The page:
“Read it Mom, READ IT!” Alice and Henry screech, anxiously bouncing up and down on the couch, fleeces in-hand. The grey light of dawn sleepily seeps through the wall of windows framing the quiet lake, the still row of red pines, the tranquil beach strewn with the remnants of yesterday’s summer fun. I shuffle into the kitchen, fumbling for the coffeemaker as my housecoat trails on the floor. Blake slumbers on blissfully unaware.
Soon, I am gulping the freshly brewed coffee and am pulled to the present.
“MOMMMMMMMMM! We’re WAITING! PLEASE READ IT!” Henry and Alice persist. I collapse onto the couch and am immediately framed by two small bodies, snuggled in tight at each side. Ada jumps up beside us, curling into a ball as close as she possible can get to our mass of bodies. “Can I come in?” requests Henry, nudging my arm. I reach around them, my arms stretched across their shoulders holding open their requested book wide. Two chubby cheeks rest against my chest. My mug sits alone on the coffee table, steam rising. I begin to read.
I admit, I am a nerd. The nerdiest of nerds. My passion for reading has always been a focal part of my life. I cannot actually recall a time throughout my childhood, adolescence and adulthood where I lost my love of reading. Encouraged by my equally bookworm-ish Mom, my childhood was full of reading opportunities: regular trips to the public library, snuggles reading bedtime stories in my parent’s bed, losing myself for hours poring through stacks of picture books before I could even comprehend the words on the page.
As I grew older, I began to devour chapter books with a voracious appetite. I recall quite clearly as child being put to bed, then listening carefully for the sound of my parents’ footsteps heading down the stairs before I would snap on my bedroom light, pull out a Roald Dahl novel from under my pillow, then consume chapter after chapter, well into the night. Cheekily, while I read, I would always keep a hand on my light switch, listening with one ear for any indication of my parents’ bedtime plans. Occasionally, I remember reading at my bedroom window keeping an eye intermittently on the light in my dad’s workshop, watching for the light to return to darkness, indicating his imminent return to the house. Looking back, I now realize that often I would be reading until almost 11pm each night!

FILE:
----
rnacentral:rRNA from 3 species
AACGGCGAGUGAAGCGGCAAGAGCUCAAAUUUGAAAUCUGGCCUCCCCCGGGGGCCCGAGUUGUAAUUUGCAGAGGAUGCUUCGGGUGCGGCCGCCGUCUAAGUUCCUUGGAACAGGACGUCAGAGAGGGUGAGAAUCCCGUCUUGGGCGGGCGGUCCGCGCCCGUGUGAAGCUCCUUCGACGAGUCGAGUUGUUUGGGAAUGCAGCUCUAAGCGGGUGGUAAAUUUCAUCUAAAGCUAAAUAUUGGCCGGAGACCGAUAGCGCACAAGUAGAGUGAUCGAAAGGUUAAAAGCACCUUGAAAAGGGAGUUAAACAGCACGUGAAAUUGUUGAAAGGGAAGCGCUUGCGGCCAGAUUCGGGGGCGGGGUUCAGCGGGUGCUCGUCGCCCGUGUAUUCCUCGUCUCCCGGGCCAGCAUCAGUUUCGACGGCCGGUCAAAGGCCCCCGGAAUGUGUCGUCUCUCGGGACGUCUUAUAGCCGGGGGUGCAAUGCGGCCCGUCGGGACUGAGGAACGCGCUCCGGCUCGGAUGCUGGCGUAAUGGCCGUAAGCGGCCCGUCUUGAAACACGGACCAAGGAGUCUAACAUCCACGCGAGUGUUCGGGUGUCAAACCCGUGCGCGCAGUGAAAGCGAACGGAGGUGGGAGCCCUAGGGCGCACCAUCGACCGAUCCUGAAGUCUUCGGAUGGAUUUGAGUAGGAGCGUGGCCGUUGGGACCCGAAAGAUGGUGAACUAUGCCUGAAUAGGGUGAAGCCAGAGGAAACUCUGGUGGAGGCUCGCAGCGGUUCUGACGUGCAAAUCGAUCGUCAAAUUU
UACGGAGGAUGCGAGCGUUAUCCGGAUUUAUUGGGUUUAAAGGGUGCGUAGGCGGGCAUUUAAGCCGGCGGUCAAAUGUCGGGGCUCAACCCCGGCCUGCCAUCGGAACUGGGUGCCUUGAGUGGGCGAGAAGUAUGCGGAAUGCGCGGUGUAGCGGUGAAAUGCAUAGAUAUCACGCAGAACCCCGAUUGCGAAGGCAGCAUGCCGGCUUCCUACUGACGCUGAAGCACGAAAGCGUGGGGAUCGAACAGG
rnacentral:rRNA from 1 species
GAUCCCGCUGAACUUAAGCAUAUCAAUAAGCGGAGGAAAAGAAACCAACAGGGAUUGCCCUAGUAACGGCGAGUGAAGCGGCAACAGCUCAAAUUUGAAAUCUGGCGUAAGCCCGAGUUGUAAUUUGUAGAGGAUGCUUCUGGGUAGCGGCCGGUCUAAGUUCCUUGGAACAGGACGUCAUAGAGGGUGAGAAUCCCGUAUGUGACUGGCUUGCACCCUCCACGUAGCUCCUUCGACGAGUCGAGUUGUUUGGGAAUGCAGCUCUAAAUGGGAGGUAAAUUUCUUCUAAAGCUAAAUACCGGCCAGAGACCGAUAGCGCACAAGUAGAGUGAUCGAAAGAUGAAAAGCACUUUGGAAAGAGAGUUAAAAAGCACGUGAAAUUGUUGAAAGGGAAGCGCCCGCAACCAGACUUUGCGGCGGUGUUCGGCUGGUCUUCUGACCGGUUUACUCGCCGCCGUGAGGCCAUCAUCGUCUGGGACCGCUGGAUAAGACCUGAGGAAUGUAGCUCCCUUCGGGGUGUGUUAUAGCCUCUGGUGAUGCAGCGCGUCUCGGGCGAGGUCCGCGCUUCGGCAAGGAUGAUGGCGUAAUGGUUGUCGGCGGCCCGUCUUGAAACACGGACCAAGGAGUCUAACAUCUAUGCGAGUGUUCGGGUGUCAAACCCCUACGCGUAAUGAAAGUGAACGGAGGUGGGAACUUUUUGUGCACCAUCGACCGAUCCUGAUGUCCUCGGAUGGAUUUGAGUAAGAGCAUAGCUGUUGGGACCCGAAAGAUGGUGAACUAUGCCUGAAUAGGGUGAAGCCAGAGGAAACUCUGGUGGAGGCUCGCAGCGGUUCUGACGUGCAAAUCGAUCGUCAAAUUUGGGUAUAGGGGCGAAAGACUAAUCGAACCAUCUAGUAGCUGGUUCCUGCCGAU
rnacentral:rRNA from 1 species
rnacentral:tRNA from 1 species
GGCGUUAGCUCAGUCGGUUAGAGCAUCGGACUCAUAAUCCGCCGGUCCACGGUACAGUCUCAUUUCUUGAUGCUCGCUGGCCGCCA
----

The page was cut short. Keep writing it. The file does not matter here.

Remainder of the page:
By the time I was a teen, my part-time job wasn’t at Tim Horton’s, but at the local library. Rushing to reshelve the orphaned books, I would then hide between the stacks to read. In high school, while Blake was running amok, cutting classes and getting in all sorts of trouble, I was the nerdiest of nerds. I ran track, played clarinet in band, went to leadership conferences, ran our student government, participated in every sport possible and studied, studied, studied. Embarrassingly, I would even voluntarily go to the school library on snow days when the buses were cancelled.
Throughout my university days, I grew to love the serenity of campus libraries and was comforted by the solitude when studying the intricacies of organic chemistry bathed in the light bending through the grand stained glass windows of the centuries-old limestone buildings. Grinding through a highly academic science degree meant that my time was largely spent at the library rather than the clubs.